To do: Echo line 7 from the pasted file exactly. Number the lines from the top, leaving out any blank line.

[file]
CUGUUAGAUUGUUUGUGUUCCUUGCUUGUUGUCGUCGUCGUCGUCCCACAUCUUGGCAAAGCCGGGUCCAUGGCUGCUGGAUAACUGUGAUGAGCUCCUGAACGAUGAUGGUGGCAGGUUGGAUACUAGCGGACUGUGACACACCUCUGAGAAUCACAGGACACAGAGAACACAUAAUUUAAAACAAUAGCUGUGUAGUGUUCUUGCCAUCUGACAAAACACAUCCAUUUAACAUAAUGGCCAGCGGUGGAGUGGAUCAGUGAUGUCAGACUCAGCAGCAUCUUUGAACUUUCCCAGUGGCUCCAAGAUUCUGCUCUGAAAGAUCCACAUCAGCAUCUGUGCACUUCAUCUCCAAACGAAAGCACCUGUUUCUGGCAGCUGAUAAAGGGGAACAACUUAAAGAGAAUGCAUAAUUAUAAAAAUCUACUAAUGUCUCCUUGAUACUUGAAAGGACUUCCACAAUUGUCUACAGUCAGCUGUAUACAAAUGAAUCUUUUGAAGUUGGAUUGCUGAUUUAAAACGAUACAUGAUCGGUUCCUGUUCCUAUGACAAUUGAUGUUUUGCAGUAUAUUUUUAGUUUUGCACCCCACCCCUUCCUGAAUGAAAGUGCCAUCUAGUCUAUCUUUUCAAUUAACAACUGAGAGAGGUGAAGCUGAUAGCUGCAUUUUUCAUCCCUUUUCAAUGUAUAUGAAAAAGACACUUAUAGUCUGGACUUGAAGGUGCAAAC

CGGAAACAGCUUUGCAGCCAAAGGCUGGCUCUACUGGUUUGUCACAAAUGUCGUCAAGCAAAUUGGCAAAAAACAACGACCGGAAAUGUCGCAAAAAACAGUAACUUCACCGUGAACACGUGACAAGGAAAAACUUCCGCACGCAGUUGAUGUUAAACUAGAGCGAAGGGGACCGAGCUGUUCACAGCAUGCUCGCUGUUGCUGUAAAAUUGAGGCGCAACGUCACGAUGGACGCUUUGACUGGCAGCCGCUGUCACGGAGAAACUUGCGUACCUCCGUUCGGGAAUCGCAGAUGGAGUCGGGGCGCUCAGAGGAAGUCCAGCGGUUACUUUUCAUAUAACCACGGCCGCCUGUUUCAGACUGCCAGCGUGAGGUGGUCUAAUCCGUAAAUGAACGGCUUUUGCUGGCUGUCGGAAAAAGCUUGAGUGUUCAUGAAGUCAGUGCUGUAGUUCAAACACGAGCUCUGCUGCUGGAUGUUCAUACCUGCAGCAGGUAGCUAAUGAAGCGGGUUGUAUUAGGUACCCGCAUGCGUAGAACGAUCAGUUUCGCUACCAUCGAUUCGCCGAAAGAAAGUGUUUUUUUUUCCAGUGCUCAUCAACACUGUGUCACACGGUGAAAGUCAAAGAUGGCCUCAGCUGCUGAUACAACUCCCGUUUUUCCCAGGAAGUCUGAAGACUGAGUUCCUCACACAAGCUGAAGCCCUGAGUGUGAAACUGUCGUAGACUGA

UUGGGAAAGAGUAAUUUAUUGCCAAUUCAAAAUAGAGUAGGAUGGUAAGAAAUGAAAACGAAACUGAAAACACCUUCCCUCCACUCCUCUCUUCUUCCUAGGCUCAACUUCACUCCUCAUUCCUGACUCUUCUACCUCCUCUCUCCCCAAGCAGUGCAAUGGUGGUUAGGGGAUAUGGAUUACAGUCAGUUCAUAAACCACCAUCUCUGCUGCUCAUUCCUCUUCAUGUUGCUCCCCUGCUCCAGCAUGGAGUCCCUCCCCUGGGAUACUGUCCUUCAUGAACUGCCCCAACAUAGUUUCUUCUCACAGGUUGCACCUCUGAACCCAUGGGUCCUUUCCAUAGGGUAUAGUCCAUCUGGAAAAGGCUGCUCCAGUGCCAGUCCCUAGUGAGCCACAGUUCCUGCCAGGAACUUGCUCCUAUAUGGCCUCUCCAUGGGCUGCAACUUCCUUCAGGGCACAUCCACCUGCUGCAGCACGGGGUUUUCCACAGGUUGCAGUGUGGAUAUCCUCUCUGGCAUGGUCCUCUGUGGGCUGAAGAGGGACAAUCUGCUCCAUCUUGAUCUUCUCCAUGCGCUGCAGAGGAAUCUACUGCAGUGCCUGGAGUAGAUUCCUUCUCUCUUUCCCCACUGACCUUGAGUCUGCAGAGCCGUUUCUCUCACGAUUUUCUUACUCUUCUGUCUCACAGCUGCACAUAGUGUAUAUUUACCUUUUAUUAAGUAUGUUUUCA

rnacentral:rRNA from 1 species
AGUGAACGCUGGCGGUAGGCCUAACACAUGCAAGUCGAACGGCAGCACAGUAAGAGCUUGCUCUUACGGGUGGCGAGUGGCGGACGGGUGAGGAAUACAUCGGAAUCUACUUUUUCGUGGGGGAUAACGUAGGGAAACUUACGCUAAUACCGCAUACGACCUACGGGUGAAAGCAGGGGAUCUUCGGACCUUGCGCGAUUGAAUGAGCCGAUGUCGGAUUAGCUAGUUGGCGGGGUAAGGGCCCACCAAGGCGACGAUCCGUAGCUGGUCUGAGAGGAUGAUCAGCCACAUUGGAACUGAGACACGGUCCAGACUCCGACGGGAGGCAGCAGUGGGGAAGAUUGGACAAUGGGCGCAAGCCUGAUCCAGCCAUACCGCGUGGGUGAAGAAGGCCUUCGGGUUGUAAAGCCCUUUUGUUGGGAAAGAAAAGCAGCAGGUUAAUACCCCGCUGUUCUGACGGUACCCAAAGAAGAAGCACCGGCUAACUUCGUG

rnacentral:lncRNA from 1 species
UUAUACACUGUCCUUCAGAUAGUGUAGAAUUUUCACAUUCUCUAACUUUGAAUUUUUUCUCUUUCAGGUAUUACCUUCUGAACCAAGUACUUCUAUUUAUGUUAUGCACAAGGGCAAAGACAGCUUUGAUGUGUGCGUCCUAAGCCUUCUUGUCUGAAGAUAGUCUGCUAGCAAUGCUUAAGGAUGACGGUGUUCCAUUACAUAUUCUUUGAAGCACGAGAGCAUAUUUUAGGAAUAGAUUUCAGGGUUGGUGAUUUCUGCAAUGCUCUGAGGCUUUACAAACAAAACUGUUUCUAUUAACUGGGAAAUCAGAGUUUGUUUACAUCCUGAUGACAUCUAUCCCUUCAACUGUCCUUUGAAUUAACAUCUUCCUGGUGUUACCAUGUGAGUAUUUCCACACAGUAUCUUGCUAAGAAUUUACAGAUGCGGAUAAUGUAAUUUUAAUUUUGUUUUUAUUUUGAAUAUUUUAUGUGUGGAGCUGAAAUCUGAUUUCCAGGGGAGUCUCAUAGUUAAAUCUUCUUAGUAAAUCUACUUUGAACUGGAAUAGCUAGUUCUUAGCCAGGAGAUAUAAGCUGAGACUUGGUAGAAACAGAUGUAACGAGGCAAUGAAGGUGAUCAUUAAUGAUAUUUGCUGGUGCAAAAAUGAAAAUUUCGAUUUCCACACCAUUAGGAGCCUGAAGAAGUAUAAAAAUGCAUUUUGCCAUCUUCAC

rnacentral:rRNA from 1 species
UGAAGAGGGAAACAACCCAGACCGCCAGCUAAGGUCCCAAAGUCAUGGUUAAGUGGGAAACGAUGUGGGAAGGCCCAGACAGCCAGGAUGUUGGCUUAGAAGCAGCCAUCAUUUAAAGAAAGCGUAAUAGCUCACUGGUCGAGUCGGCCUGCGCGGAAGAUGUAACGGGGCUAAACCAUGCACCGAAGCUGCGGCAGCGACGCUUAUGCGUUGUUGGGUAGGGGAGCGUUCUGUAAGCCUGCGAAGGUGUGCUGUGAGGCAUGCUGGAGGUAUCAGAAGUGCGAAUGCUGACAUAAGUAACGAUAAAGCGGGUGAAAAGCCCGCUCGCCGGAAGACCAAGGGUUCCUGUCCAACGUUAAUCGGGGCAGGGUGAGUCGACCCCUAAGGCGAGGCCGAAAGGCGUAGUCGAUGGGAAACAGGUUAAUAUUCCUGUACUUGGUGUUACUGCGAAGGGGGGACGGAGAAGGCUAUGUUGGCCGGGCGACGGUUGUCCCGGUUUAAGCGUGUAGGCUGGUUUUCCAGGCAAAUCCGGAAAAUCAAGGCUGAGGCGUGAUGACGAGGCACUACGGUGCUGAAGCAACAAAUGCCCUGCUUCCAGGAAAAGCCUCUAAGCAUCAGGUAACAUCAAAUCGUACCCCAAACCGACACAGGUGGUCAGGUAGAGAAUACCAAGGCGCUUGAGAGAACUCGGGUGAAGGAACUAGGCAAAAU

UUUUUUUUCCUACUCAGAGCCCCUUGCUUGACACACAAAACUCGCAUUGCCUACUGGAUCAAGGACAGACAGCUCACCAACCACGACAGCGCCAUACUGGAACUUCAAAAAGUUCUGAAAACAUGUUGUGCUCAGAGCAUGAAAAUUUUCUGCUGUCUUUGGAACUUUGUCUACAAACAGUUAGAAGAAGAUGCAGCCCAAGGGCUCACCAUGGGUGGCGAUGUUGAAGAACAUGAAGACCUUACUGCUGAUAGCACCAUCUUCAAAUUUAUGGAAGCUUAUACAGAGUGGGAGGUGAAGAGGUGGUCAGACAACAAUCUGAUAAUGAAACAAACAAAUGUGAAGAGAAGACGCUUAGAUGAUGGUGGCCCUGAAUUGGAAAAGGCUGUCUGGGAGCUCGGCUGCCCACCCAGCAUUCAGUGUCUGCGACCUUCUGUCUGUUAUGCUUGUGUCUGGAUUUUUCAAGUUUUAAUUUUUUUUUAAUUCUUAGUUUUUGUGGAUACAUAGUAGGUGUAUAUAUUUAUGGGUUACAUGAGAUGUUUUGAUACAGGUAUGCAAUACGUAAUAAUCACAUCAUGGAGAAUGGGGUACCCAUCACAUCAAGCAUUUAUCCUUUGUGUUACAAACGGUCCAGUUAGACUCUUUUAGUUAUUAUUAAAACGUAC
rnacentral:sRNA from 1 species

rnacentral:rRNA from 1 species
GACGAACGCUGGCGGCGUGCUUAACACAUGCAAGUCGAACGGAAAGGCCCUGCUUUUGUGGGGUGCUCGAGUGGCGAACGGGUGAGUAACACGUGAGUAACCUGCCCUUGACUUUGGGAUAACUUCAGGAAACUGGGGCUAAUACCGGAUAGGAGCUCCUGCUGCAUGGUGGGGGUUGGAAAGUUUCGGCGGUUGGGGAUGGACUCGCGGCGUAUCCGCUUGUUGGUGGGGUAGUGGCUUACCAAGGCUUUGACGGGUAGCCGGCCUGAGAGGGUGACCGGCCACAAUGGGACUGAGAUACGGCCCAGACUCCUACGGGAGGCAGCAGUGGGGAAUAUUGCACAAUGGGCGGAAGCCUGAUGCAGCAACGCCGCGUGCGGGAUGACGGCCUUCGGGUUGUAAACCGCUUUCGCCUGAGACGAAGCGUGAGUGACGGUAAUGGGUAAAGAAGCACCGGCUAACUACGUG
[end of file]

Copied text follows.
UUAUACACUGUCCUUCAGAUAGUGUAGAAUUUUCACAUUCUCUAACUUUGAAUUUUUUCUCUUUCAGGUAUUACCUUCUGAACCAAGUACUUCUAUUUAUGUUAUGCACAAGGGCAAAGACAGCUUUGAUGUGUGCGUCCUAAGCCUUCUUGUCUGAAGAUAGUCUGCUAGCAAUGCUUAAGGAUGACGGUGUUCCAUUACAUAUUCUUUGAAGCACGAGAGCAUAUUUUAGGAAUAGAUUUCAGGGUUGGUGAUUUCUGCAAUGCUCUGAGGCUUUACAAACAAAACUGUUUCUAUUAACUGGGAAAUCAGAGUUUGUUUACAUCCUGAUGACAUCUAUCCCUUCAACUGUCCUUUGAAUUAACAUCUUCCUGGUGUUACCAUGUGAGUAUUUCCACACAGUAUCUUGCUAAGAAUUUACAGAUGCGGAUAAUGUAAUUUUAAUUUUGUUUUUAUUUUGAAUAUUUUAUGUGUGGAGCUGAAAUCUGAUUUCCAGGGGAGUCUCAUAGUUAAAUCUUCUUAGUAAAUCUACUUUGAACUGGAAUAGCUAGUUCUUAGCCAGGAGAUAUAAGCUGAGACUUGGUAGAAACAGAUGUAACGAGGCAAUGAAGGUGAUCAUUAAUGAUAUUUGCUGGUGCAAAAAUGAAAAUUUCGAUUUCCACACCAUUAGGAGCCUGAAGAAGUAUAAAAAUGCAUUUUGCCAUCUUCAC